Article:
With prices starting below the $100 mark, it’s a great time to buy an ebook reader. But before you settle on a single device, you have some decisions to make. As you can see, Amazon’s Kindle line makes up the bulk of our top picks, and for many people will be the perfect choice. But it isn’t the only choice. Here’s what you should consider when shopping.
Basic ebook readers use monochrome, E Ink screens to display text. E Ink looks a lot like paper, and it’s easy on your eyes when reading for long periods. On the least expensive models, it’s not backlit, so you’ll need light to see the text, just as you would with a printed book. But most ebook readers now include edge lighting that lets you see in the dark. With each model, you can vary the intensity of the brightness from barely there to flashlight-bright. On the lowest settings, you can read in the dark while your partner sleeps peacefully next to you.
In all cases, E Ink is much easier to read in bright sunlight, while color touch screens on tablets tend to wash out, and their glossy displays can show distracting reflections.
Fire 7 can browse the web, stream video from Netflix, Hulu or other sources, play music, and run apps.
If you like to read in the bath, by the pool, or on the beach, you might want to consider buying a waterproof ebook reader. You have a few options. The Amazon Kindle Oasis, the latest Kindle Paperwhite, the Kobo Forma, and the Kobo Libra H2O are all rated to withstand submersion in water to some degree. The Kindle Oasis even has page turn buttons so you can easily flip between pages when your hands are wet.
An always-on cellular radio lets you buy and download books from anywhere, over the air, for free (aside from the cost of the book itself, of course). Most devices offer Wi-Fi as the base level wireless connection—at a much lower cost—with 3G cellular data only available as part of a more-expensive model.
As long as you don’t mind waiting until you’re at home or near a hotspot to shop for new books, Wi-Fi should work for you. A select few may still prefer to pony up for 3G to buy a new book while, say, on a long train trip, or lounging at the beach.
How About the Books?
This is where things get a little complex, so bear with us for a moment. There’s no single universal ebook format; essentially, when you choose an ebook reader, you’re making a decision up front as to which ecosystem you’ll support.
With free, public domain books, you have some more flexibility, but it’s actually more complicated. For example, Google offers over a million free books in the popular, open ePub format, which many public libraries now use for lending books. However, Kindles don’t support ePub. Amazon launched its own public library lending tie-in, which differs on a branch-to-branch basis. Amazon also has the Kindle Owners’ Lending Library, which lets you borrow a book a month from a selection of over one million titles, but only if you pay $99 a year for the Amazon Prime service. It also gives you unlimited access to Amazon’s Prime Reading library. FreeTime Unlimited Unlimited starts at $2.99 per month, and is great for children—you get a free year of it when you buy the Kindle Kids Edition.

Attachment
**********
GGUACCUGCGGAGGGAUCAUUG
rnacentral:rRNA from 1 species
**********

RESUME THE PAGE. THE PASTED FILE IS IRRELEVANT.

To make things even murkier, the ebook stores themselves aren’t all the same. Book selection, size, and pricing varies from store to store. The best way through this thicket of digital underbrush is to spend a little time browsing ebook stores before you commit to a device. You can access Amazon’s, Barnes & Noble’s, and Kobo’s ebook stores online to see which carries most of the books, magazines, and newspapers you want to read. Or, if you’re planning to borrow ebooks from the library, check your local branch to see what format is in use, and then make sure the reader you want supports it. If it uses Overdrive, Kobo is your best bet.
For more, see How to Get Free (or Cheap) New Ebooks and How to Put Free Ebooks on Your Amazon Kindle. And for an in-depth comparison of supported formats across various ebook readers, check out Wikipedia.
What About Ebook Apps?
One saving grace is that many of the major ebook reader vendors have developed an entire ecosystem of apps around their chosen format. For example, you can start reading a book on your Kindle Paperwhite at home; then, while waiting in line at the grocery store, you can fire up your iPhone’s Kindle app and pick up exactly where you left off in the same book, but on your phone.
The size of the app ecosystem varies by format. The Apple iPad and iPhone both run iBooks, a flexible app that looks great, but doesn’t have quite the same book selection as Amazon for digital books. Amazon also makes iPad apps, along with versions for iPhone, Android, and other devices; in addition it has a Cloud Reader that works on the iPad with a direct link to the Kindle Store, and several vendors also make PC and Mac apps.